While checking out the BBC this morning I came across this classic where Jonah Fisher wastes my precious time by telling me that the Sudanese Arabs are victims of the genocide taking place in Sudan:
It has been a difficult couple of years for the nomads. One man we spoke to has 12 wives. He inherited 10 of them when six of his brothers were killed in a rebel attack.Seen as the enemy in an organized camp? Is he serious? Did he ever consider that whenever the Arab nomads get near a refugee camp that they are often riding under the cover of military aircraft?
Nomad on camel with loads of possessions
Nomads are continually on the move to find new grazing
After this meeting, we travelled north to meet another group of nomads.
Strictly speaking they are ex-nomads.
A year-and-a-half ago they were attacked by rebels, lost most of their animals and stopped travelling.
"Everything was taken in attacks by the rebels in 2004. We had large herds of camels, cows, sheep, goat and even donkeys," the group's religious leader Khatir Idriss said.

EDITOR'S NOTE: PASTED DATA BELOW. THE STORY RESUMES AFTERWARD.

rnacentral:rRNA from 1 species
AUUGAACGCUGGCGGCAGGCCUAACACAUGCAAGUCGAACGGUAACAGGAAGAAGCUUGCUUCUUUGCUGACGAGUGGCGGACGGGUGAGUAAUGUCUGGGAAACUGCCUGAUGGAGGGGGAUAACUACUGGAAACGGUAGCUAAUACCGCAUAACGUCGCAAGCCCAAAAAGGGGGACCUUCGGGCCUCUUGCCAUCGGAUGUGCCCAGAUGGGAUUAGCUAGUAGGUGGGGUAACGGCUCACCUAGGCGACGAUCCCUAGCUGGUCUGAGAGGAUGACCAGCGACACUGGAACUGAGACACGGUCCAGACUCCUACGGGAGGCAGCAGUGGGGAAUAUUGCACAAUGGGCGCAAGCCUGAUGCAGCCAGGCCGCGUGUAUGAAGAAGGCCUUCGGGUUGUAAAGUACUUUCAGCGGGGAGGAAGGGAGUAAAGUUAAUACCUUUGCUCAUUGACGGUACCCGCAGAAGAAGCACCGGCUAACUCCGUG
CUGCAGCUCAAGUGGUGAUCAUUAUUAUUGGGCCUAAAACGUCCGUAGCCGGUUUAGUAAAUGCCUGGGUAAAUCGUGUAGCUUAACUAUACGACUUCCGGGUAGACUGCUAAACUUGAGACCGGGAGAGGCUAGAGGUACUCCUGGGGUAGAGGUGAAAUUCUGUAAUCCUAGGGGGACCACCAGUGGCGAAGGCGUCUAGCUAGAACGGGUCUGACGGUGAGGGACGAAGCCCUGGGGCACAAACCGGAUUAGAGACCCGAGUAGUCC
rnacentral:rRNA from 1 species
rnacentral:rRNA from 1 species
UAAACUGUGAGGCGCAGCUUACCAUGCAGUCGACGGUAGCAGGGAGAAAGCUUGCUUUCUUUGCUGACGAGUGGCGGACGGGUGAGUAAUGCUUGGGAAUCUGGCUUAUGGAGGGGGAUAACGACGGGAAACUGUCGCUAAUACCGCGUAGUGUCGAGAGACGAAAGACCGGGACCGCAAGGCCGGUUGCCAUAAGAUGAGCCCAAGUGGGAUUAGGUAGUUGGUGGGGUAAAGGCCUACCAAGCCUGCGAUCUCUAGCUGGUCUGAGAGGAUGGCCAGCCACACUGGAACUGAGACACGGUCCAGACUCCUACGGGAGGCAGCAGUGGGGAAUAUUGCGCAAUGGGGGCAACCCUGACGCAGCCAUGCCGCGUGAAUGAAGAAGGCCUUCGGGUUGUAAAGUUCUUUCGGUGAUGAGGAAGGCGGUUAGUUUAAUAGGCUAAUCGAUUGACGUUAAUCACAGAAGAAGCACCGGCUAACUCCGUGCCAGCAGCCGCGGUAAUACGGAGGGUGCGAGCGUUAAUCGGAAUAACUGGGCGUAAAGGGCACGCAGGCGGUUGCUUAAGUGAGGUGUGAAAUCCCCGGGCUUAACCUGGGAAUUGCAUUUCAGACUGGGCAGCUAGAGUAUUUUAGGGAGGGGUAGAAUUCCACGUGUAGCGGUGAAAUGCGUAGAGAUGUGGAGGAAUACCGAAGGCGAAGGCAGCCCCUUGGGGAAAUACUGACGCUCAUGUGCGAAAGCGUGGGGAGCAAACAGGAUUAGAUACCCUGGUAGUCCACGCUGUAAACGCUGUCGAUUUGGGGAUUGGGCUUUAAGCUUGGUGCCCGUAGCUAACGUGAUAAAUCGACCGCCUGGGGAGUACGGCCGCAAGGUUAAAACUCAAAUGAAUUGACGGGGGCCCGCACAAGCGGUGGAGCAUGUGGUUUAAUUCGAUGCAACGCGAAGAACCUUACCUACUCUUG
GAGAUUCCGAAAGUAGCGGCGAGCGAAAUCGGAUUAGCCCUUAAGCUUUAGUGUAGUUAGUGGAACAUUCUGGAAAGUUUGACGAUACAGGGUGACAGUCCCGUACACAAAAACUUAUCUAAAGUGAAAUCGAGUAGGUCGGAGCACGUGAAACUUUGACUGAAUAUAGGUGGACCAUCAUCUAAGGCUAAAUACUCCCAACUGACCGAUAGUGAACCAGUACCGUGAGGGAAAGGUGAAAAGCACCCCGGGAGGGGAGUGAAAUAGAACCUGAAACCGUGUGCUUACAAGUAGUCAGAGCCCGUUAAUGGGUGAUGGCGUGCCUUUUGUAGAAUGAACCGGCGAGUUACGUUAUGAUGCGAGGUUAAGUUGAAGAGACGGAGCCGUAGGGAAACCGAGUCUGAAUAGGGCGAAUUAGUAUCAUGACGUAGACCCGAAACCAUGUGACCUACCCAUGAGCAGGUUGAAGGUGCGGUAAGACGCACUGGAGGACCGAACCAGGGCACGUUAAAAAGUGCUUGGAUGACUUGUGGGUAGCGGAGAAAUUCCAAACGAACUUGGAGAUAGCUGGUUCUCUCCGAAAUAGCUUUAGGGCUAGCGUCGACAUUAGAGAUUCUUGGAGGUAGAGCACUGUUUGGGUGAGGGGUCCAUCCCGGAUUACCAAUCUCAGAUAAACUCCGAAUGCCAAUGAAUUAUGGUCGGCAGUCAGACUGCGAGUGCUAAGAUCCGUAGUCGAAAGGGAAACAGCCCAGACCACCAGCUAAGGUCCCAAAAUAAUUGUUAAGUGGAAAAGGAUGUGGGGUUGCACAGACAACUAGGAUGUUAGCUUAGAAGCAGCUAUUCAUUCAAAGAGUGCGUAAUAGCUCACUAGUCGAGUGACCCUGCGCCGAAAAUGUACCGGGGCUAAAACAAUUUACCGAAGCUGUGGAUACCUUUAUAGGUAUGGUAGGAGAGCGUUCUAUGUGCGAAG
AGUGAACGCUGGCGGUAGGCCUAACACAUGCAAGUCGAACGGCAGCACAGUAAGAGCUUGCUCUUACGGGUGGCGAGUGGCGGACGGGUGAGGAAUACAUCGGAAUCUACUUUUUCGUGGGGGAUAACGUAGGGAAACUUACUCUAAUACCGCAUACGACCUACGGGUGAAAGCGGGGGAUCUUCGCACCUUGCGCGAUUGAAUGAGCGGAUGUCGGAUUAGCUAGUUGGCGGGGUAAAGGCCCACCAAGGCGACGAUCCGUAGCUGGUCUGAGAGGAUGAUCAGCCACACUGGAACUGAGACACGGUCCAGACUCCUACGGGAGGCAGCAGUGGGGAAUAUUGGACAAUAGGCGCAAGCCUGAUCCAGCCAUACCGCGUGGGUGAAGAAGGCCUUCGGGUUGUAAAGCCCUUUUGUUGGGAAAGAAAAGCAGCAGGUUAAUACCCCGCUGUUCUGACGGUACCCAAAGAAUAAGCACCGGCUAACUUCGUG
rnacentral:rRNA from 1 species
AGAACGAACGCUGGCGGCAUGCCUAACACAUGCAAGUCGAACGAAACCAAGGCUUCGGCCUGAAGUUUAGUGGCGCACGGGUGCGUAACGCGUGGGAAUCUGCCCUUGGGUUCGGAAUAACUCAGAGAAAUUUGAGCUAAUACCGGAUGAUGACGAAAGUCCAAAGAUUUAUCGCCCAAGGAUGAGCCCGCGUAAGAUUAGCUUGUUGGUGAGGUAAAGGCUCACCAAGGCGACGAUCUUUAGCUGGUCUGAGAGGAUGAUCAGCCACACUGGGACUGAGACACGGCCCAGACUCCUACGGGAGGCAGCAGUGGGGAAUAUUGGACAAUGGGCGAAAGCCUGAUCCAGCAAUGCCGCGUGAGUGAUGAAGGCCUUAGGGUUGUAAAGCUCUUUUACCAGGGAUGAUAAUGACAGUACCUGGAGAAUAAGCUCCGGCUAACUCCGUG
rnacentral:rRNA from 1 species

"We are now three different nomad tribes come here to live together and provide ourselves with some safety."
I asked him if they were armed.
"Some of us who still have some animals have guns so we can protect ourselves," he replied.
And this is the essence of these ex-nomads problems: an Arab on camel or horseback sporting a Kalashnikov has become the symbol of Darfur's evil - the Janjaweed, blamed for driving people from their villages.
If these ex-nomads tried to go to an organised camp they would be seen as the enemy.
Conflict between nomads and farmers has long existed in Darfur. But this war has destroyed any sense of normality for both communities.
The conflict in Sudan is so straight-forward that I'm stunned that much of the media is trying to do their best to blur people's perceptions of it. In a nutshell, the Sudanese government is supplying and funding Arab nomads to drive off the Africans. It is basically a small part of a general strategy by African Arabs to drive black Africans further south.
Simple enough, but why is it that not only do you rarely if ever read a story about how the government funds these murderers, but instead we are treated to a story telling us how sorry we should feel for them? Disgusting.